Backstory is perilous. A film thrives in the present. A film that constantly looks back—at, say, a past trauma, or even just a reason for present behavior—could easily grow self-aware and start to stiffen. And then the audience can step ahead of it and feel safe, and safety is no fun! Mat and Alan have a pretty simple backstory. And much of it remains murky, because, ultimately, they cannot be saved by their past. They cannot be redeemed. They can only try.

You shot in your own apartment—so presumably you knew, writing the movie, how the rooms would flow into each other, what spaces the characters could be together or apart in. Do you think that there were any scenes or moments you would have written differently if you hadn’t known the somewhat quirky layout of your location?
A great deal of the moment to moment interactions in the film are influenced by the physical location. The party is a perfect example. When Mat and Alan first notice each other, they avoid actually talking. Instead, they play a kind of muted, pathetic hide-and-seek. I knew that could work, because I knew that we would have a sliding door and that the whole flow of the place is sort of a big, sloppy circle.

Our apartment has quirks—some of which were quite aggravating to work around—but Chris Teague, our cinematographer, and I tried to embrace as much of the apartment as we could. To take advantage of corners and hallways and skylights. To milk our humble abode for as much production value as we could get.

One nice thing our place’s layout offers is a distinct separation between the back bedroom and the front living room. The spaces can exist as different worlds, connected only through something intangible, suggestive: a laugh hovering down the hallway, for example, or the creak of a door. An apartment in which the living room shares a wall with the master bedroom, or the kitchen is detached and off the hallway, would create very different dynamics. Things might feel a bit less personal, a bit crowded, or a bit lonely: not a bad thing at all! Just different. But physical space influences blocking, and the blocking influences the scene, absolutely.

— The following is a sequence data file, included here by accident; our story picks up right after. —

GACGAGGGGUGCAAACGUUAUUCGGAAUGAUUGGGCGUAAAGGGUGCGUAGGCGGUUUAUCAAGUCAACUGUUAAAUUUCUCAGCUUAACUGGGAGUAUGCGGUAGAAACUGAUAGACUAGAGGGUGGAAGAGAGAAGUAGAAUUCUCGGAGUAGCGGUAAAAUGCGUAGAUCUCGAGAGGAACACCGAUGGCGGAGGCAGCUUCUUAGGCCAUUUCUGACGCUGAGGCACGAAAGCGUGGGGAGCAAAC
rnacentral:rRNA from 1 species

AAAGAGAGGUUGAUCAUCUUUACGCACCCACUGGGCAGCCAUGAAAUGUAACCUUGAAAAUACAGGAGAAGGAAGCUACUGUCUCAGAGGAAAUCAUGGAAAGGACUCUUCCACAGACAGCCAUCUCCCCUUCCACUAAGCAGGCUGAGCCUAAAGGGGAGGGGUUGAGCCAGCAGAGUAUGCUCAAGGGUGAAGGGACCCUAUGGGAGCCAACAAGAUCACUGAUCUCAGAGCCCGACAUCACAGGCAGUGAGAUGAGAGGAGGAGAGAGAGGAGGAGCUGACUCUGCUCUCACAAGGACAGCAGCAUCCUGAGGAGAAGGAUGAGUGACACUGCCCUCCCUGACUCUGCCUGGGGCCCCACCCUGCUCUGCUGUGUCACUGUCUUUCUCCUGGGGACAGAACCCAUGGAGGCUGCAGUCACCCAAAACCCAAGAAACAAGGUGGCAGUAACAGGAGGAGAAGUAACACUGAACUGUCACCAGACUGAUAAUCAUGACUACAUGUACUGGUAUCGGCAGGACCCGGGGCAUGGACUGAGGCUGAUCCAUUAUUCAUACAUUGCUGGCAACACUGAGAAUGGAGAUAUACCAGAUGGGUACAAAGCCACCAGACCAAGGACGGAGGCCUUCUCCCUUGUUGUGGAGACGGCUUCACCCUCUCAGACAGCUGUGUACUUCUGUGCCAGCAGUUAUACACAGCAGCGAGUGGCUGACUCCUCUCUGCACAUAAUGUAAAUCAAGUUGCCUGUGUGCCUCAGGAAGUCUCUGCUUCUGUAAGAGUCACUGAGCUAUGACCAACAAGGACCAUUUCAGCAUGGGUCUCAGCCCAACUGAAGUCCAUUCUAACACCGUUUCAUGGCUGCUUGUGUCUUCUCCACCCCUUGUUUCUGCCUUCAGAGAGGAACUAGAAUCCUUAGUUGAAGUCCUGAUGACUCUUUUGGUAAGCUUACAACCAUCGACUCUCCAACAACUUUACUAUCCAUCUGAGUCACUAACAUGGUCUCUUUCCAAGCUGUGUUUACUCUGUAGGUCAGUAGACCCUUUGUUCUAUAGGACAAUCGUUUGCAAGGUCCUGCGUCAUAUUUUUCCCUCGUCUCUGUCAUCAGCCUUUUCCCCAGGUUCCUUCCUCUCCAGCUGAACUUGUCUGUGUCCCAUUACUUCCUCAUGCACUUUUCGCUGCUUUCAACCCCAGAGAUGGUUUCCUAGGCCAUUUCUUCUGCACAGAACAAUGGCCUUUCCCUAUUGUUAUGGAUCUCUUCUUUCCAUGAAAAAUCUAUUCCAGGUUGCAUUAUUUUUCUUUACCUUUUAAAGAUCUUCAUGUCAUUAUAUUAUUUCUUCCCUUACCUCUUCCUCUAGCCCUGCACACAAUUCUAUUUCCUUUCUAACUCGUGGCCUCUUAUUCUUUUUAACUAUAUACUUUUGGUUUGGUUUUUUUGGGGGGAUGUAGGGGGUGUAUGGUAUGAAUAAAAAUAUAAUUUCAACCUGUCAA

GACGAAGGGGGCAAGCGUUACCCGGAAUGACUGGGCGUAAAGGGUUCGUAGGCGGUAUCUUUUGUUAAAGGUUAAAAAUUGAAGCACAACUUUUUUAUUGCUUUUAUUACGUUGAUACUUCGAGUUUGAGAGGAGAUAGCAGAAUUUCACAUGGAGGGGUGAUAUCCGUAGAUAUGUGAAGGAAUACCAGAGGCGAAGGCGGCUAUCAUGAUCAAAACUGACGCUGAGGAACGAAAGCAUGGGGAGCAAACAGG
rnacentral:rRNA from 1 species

You’ve talked about the influence of Arnaud Desplechin, which is clear through things like the playful iris shots, and dramatic tangents, and gratuitous tonal shifts; but also about the very careful index-card structure of the film, with the escalating drama, and emotional deterioration of the characters charted physically, and the finite time and money you had to work with. Did you find you had much freedom to experiment, and be surprised, during the shoot itself? It seems like with something like the party scene, it would have required a lot of preparation, but also had a lot of moving parts and dramatic potential, so I’m interested to hear about that balance.